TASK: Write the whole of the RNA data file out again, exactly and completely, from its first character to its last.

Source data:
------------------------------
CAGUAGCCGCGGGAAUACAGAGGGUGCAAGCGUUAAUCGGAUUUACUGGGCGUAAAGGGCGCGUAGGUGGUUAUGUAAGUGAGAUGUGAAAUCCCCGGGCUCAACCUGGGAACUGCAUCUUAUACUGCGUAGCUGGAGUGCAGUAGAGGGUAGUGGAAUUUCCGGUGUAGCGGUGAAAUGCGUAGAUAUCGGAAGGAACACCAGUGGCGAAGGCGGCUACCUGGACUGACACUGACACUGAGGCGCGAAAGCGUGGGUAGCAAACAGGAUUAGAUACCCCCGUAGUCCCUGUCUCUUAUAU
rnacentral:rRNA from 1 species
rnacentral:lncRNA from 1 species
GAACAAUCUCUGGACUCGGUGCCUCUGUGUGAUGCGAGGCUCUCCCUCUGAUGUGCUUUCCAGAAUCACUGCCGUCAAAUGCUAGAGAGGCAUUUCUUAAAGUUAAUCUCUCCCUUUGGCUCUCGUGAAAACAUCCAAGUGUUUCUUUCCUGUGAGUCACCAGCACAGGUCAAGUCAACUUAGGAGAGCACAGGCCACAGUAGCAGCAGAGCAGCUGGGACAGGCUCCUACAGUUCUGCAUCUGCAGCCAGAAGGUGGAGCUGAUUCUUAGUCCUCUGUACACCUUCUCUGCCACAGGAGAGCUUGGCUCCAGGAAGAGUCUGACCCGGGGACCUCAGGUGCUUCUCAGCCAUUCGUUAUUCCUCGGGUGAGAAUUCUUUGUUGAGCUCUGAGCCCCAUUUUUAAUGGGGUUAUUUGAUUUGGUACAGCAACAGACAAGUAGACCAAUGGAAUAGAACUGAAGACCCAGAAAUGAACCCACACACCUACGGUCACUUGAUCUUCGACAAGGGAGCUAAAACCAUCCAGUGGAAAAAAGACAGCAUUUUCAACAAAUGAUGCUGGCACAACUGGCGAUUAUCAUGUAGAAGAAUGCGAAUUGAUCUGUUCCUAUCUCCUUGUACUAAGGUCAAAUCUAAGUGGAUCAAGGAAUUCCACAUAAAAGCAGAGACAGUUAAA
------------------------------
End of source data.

CAGUAGCCGCGGGAAUACAGAGGGUGCAAGCGUUAAUCGGAUUUACUGGGCGUAAAGGGCGCGUAGGUGGUUAUGUAAGUGAGAUGUGAAAUCCCCGGGCUCAACCUGGGAACUGCAUCUUAUACUGCGUAGCUGGAGUGCAGUAGAGGGUAGUGGAAUUUCCGGUGUAGCGGUGAAAUGCGUAGAUAUCGGAAGGAACACCAGUGGCGAAGGCGGCUACCUGGACUGACACUGACACUGAGGCGCGAAAGCGUGGGUAGCAAACAGGAUUAGAUACCCCCGUAGUCCCUGUCUCUUAUAU
rnacentral:rRNA from 1 species
rnacentral:lncRNA from 1 species
GAACAAUCUCUGGACUCGGUGCCUCUGUGUGAUGCGAGGCUCUCCCUCUGAUGUGCUUUCCAGAAUCACUGCCGUCAAAUGCUAGAGAGGCAUUUCUUAAAGUUAAUCUCUCCCUUUGGCUCUCGUGAAAACAUCCAAGUGUUUCUUUCCUGUGAGUCACCAGCACAGGUCAAGUCAACUUAGGAGAGCACAGGCCACAGUAGCAGCAGAGCAGCUGGGACAGGCUCCUACAGUUCUGCAUCUGCAGCCAGAAGGUGGAGCUGAUUCUUAGUCCUCUGUACACCUUCUCUGCCACAGGAGAGCUUGGCUCCAGGAAGAGUCUGACCCGGGGACCUCAGGUGCUUCUCAGCCAUUCGUUAUUCCUCGGGUGAGAAUUCUUUGUUGAGCUCUGAGCCCCAUUUUUAAUGGGGUUAUUUGAUUUGGUACAGCAACAGACAAGUAGACCAAUGGAAUAGAACUGAAGACCCAGAAAUGAACCCACACACCUACGGUCACUUGAUCUUCGACAAGGGAGCUAAAACCAUCCAGUGGAAAAAAGACAGCAUUUUCAACAAAUGAUGCUGGCACAACUGGCGAUUAUCAUGUAGAAGAAUGCGAAUUGAUCUGUUCCUAUCUCCUUGUACUAAGGUCAAAUCUAAGUGGAUCAAGGAAUUCCACAUAAAAGCAGAGACAGUUAAA